Blockchain may be a new panacea for insurance. First a definition. This one comes from Investopedia.
A blockchain is a digitized, decentralized, public ledger of all cryptocurrency transactions. Constantly growing as ‘completed’ blocks (the most recent transactions) are recorded and added to it in chronological order, it allows market participants to keep track of digital currency transactions without central recordkeeping. Each node (a computer connected to the network) gets a copy of the blockchain, which is downloaded automatically.
Originally developed as the accounting method for the virtual currency Bitcoin, blockchains — which use what's known as distributed ledger technology (DLT) — are appearing in a variety of commercial applications today. Currently, the technology is primarily used to verify transactions, within digital currencies though it is possible to digitize, code and insert practically any document into the blockchain. Doing so creates an indelible record that cannot be changed; furthermore, the record’s authenticity can be verified by the entire community using the blockchain instead of a single centralized authority.
So how does this A) impact insurance and B) help insurance. That question is answered by Allstate claims executive Dale Sherman. He said, “Blockchain has the potential to revolutionize underwriting.”
He made the comment at the recent Claims and Litigation Management Alliance’s annual conference. Sherman then gave an example. He said having a policyholder’s financial, health and credit information in one, secure place means insurers can offer more personalized coverage.
“Coverage could be just-in-time or on-demand. You can imagine mile-by-mile insurance for a specific individual based on their very specific, idiosyncratic risk profile that would change in value, and there could be a bidding marketplace. Blockchain could enable that in real time depending on where they are going,” Sherman said.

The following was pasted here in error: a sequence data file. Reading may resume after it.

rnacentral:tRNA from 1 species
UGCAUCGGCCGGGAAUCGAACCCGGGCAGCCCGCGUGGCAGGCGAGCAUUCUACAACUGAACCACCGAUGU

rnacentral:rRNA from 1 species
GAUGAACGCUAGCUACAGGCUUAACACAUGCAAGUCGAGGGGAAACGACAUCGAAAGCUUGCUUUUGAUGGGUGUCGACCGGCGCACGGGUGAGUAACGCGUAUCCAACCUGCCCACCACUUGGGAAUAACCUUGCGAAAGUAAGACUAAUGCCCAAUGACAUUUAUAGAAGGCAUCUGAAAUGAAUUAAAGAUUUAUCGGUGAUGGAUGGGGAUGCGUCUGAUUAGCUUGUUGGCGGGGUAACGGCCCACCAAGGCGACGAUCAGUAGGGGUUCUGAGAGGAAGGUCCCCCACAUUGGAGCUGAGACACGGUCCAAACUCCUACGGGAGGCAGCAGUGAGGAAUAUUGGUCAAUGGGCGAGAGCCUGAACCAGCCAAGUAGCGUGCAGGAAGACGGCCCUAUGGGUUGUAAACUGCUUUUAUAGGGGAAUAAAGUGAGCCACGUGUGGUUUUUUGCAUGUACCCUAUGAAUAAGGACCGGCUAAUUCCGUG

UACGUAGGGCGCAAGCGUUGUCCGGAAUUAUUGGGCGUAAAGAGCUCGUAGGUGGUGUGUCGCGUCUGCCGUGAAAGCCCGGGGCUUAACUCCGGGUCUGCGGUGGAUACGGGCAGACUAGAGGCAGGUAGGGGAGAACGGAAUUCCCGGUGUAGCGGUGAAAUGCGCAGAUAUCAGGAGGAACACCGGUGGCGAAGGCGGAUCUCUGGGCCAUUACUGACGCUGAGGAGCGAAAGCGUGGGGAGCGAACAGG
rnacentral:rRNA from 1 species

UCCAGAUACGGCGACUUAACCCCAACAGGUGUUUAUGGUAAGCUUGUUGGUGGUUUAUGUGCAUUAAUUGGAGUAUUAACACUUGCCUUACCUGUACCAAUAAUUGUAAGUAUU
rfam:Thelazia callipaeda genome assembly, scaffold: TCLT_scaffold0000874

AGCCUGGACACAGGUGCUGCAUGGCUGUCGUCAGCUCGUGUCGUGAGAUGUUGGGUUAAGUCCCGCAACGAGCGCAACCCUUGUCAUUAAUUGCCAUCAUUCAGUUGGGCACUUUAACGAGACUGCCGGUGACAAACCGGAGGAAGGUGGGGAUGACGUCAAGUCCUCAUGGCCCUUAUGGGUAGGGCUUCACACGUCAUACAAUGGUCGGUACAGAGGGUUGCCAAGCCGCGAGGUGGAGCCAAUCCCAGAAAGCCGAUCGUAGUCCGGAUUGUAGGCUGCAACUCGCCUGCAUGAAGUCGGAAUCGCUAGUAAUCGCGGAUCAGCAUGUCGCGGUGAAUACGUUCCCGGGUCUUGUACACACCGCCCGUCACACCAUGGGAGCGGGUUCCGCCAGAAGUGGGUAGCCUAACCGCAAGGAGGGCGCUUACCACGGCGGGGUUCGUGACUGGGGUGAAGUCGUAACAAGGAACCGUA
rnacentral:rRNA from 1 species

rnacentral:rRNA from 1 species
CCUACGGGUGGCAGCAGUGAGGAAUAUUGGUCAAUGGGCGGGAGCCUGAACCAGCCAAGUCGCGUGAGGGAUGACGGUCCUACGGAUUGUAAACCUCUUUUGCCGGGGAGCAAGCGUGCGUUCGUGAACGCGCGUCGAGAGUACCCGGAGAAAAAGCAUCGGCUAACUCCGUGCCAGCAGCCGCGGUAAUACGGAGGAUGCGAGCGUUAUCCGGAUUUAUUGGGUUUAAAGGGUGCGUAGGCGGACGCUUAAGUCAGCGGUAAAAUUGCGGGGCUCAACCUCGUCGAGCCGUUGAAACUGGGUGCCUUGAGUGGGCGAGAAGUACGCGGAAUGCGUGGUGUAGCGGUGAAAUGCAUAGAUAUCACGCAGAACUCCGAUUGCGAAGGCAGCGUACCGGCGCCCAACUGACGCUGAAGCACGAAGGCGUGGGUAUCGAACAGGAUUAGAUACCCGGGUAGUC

CenturyLink’s claims director Tara Action said the concept is also good for commercial insurers. It can be used to reduce costs and make transactions easier especially when considering catastrophe loss implications. “The ability to process those large catastrophic losses with one proof of loss that’s shared amongst everyone … we could dramatically reduce the administrative costs and friction for insureds in that space,” she said.
She thinks efficiencies from Blockchain technology could eventually simplify claims. The main problem right now — she notes — is Blockchain will require insurers to share information and insurers are reluctant to share information with others.
At a different event — the Casualty Actuarial Society’s 2018 Ratemaking and Product Management seminar — Willis Towers Watson’s senior economist Ramada Sarasola said the technology lets users that don’t know each other transfer money and other things of value without using an intermediary like a bank.
“I can transfer value, I can transfer information, and I can transfer ownership. It can be delivered in a safe and secure way. It won’t be corrupted, and it will get to the right person,” she said.
Blockchain can also execute contracts automatically.
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